Proof Content logo transparent background

How to Write Memorable Key Messaging Part One – Portability

There is a rough consensus that for language to be memorable, there must be elements of recognition – people should be able to retain and recognise the message; and production – people should be motivated to refer to it in relevant situations1.


What do you notice about these slogans or taglines, they all share a common trait:

  • “Should’ve gone to Specsavers”
  • “Just do it”
  • “Because you’re worth it”
  • “I’m lovin’ it”
  • “Red Bull gives you wings”
  • “Breakfast of champions”
  • “I can’t believe it’s not butter!”

Once you know, you know – they’re all portable. They can be used in any situation, connected to the brand or not.

Shouldagone – the GOAT of Portable Slogans

Alone & with friends

Consider the all-time greatest B2C slogan ever: “Should’ve gone to Specsavers”. There is so much beauty here it almost brings a tear to my should’ve gone eye.

First up – any time, literally any time, eyesight fails to deliver, this phrase gets rolled out across the nation. Missed a turning sign? Should’ve gone. Can’t read a menu? Should’ve gone. Can’t read the 6pt font your web designer thinks is cool? Should’ve gone. Curious choice of fling? Should’ve gone.

It’s so perfectly ingrained, we say it to ourselves as a self-berating curse. It’s become a mantra, a line of self-hypnosis repeated silently inside, reminding us where we should’ve gone.

We say it with and to friends, every time reinforcing the social proof of the should’ve gone. I know I should’ve gone and now Joe’s told me as well.

Pre-supposes everything

Pre-supposition in a marketing message is a powerful thing. It sneaks a pre-existing situation, condition or attribute into the brain, where there may not have been one in the first place.

By saying “Should’ve gone to Specsavers” – you’re being set up with a) you have an eyesight problem that should’ve been corrected b) wherever you went before, if anywhere, wasn’t good enough – because you should’ve gone to the other place.

It’s like a magician’s force for copywriting – whether you need glasses or not, went to Boots or shopped online – your existing condition is wrong because the earworm that is should’ve gone tells you so.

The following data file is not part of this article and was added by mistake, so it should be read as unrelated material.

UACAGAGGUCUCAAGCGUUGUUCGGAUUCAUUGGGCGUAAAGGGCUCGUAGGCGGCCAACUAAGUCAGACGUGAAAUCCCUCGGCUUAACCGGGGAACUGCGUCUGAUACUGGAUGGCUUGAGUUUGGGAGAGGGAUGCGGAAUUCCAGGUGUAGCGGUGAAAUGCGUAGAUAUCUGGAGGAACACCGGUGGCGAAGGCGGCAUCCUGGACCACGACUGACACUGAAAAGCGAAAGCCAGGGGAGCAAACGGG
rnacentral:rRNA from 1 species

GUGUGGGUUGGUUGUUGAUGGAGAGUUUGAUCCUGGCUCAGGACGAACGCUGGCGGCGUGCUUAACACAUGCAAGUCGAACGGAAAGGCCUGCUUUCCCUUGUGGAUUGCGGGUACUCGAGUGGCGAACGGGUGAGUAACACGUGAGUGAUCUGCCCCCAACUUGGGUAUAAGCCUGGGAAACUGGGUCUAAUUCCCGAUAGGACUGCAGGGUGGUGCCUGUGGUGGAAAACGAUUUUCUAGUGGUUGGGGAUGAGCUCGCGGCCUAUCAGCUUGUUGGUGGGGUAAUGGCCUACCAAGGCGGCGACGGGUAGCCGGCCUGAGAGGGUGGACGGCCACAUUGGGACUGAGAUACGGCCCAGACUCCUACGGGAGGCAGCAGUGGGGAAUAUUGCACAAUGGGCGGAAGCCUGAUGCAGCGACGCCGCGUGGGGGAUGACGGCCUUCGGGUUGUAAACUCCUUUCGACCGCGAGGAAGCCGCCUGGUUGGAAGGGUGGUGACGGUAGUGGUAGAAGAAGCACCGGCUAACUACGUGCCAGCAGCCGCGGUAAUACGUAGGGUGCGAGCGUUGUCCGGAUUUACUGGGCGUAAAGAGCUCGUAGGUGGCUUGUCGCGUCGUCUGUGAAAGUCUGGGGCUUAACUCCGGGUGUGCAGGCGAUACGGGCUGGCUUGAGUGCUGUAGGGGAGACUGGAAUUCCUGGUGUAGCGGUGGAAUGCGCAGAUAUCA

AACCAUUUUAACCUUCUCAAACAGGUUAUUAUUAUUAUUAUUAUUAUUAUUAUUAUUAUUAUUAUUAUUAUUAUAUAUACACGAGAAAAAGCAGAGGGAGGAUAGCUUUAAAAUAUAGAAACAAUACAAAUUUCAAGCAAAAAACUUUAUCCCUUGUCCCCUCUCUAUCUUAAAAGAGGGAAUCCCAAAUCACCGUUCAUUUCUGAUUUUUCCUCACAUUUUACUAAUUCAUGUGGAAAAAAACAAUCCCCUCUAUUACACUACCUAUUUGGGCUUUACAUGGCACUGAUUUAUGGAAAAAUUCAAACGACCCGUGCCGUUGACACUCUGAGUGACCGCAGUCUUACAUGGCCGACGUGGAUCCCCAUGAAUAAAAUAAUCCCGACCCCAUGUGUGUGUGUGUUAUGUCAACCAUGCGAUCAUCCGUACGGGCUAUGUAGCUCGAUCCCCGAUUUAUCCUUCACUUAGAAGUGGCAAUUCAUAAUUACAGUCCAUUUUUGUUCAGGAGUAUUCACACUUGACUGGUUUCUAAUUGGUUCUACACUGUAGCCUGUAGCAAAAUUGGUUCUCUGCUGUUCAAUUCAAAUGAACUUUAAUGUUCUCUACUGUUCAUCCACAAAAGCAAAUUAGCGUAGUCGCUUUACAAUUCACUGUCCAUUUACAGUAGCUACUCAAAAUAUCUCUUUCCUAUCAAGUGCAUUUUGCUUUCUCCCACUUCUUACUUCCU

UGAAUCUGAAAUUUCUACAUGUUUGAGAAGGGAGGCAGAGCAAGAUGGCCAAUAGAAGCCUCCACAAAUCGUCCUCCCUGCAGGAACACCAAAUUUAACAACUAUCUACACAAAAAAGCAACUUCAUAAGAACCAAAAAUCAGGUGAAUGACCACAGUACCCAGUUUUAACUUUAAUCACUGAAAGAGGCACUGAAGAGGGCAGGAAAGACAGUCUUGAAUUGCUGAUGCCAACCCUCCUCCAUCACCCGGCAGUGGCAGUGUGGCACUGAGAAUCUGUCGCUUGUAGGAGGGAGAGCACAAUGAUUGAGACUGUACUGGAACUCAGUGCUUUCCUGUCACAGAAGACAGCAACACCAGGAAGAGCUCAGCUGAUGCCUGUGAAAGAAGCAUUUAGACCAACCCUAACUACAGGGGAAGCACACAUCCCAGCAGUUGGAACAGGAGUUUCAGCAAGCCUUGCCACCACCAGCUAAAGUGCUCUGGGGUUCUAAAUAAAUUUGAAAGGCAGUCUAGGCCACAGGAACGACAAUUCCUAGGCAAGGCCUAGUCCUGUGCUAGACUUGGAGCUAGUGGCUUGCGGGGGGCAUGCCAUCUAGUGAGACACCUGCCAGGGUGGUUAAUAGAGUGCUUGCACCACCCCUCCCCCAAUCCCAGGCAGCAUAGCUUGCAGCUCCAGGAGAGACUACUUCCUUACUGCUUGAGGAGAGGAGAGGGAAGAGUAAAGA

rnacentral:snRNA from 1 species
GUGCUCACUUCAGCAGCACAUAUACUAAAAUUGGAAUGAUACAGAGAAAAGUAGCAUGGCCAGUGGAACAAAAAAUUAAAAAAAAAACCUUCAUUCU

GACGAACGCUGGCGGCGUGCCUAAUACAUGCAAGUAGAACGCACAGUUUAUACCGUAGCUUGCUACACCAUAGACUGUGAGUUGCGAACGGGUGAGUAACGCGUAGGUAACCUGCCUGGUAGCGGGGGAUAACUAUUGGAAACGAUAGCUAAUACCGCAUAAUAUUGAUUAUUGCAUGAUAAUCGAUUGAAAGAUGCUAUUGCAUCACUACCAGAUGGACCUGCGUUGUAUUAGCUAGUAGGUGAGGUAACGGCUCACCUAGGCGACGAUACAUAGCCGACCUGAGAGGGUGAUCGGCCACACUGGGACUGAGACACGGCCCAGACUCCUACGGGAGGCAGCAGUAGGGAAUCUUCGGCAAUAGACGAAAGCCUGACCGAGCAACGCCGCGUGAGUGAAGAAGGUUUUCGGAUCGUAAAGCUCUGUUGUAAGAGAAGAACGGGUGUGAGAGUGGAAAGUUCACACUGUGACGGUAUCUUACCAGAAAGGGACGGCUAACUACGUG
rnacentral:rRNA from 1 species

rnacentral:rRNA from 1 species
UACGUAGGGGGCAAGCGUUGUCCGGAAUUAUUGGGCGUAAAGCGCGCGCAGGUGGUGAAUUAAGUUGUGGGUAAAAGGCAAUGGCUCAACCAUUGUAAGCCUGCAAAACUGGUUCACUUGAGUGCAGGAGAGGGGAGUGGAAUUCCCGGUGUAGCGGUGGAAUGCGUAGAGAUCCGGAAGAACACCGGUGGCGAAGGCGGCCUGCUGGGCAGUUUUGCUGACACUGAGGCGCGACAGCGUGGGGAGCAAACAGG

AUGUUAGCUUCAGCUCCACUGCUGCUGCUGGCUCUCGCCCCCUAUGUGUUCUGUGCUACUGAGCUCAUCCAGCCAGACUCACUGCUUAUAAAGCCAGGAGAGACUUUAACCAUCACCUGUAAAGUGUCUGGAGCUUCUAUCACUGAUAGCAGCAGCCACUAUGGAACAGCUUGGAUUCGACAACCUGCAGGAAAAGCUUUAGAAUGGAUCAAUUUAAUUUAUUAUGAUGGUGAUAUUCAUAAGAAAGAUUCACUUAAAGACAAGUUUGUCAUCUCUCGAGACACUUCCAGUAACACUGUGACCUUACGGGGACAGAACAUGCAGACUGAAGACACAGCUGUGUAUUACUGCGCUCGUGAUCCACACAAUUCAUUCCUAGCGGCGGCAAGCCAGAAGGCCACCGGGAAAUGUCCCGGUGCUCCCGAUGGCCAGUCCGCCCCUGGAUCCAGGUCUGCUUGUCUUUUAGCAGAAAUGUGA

In fact, every time you misread a word, missed a signal or misplaced your keys the afterword of should’ve gone is tagged on.

It actually has the place brand embedded in it

This stuff makes us want to dance around a campfire and raise our (drinking) glasses. In our Key Messaging process, Specsavers is a destination brand archetype. It’s somewhere you have to go to consume its service.

That’s a concrete idea that we can easily latch onto as humans. Solid and three-dimensional.

Now look again – gone to Specsavers. Genius. It’s a destination brand reinforced by using the verb to go, you’re told where to go exactly, and finally, you’re triggered to repeat this to yourself a hundred times a day.

Drop the mic, Specsavers!


Returning to the also-rans, also-genius – let’s look at where and how they are triggered:

“Just do it” – any moment ever requiring a pause for self-belief and courage to break past.

“Because you’re worth it” – any time you’ve ever hesitated for a millisecond before warming up the credit card on the affordable aspirational warpath.

“I’m lovin’ it” – any time you express enthusiastic approval for yourself or others.

“Red Bull gives you wings” – mostly at the refrigerated drinks cabinet in the motorway services on the way home from a long client meeting.

“I can’t believe it’s not butter!” – almost as clever as should’ve gone, this brand not only harnesses the trigger of experience disbelief but turns it into their actual brand name.

Honourable mention – Breakfast of Champions

Every time I roll up to the checkout person with a less than nutritionally perfect basket of food, my friends cringe just before “breakfast of champions!” rolls off my tongue. Just seems funny for a Dr Pepper, a bag of crisps and a watermelon being bought at 9pm in Tesco.

What I didn’t know – this was (still is outside of the UK) a tagline for a brand called Wheeties back in 1935. Almost a century old, their portable, triggered slogan has travelled far through time and space to take its place in our shared lexicon.

B2B Copywriting Slogans

Portable slogans work for B2B copywriting too. Although harder to find examples as good as Specsavers’. 90% are feature-based formulas around “The [something something] to do [something else]”. But Slack takes a crack with “Where Work Happens” – it’s a bit portable and makes use of a couple of other psychological linguistic tricks (disfluency, if you must know).

In Shortness and Light

  • Make your slogan portable – one that can be said in situations other than you intend
  • Connect it to a trigger – preferably one that happens all the time to your target market

Should’ve called Proof Content 🙂

  1. Richard Jackson Harris, Abigail J. Werth, Kyle E. Bures, and Chelsea M. Bartel. Social movie quoting: What, why, and how? Ciencias Psicologicas, 2(1):35–45, 2008[]
Image of glasses - slogan portability

No pulp, just juice:

Join our excellent mailing list for clever content:

Find the words that define the brand you love with PRISM – our Key Messaging process.

Join our Mailing list!

Get our lovely jubbly tips and tricks and useful writing licks:  

Proof Content logo square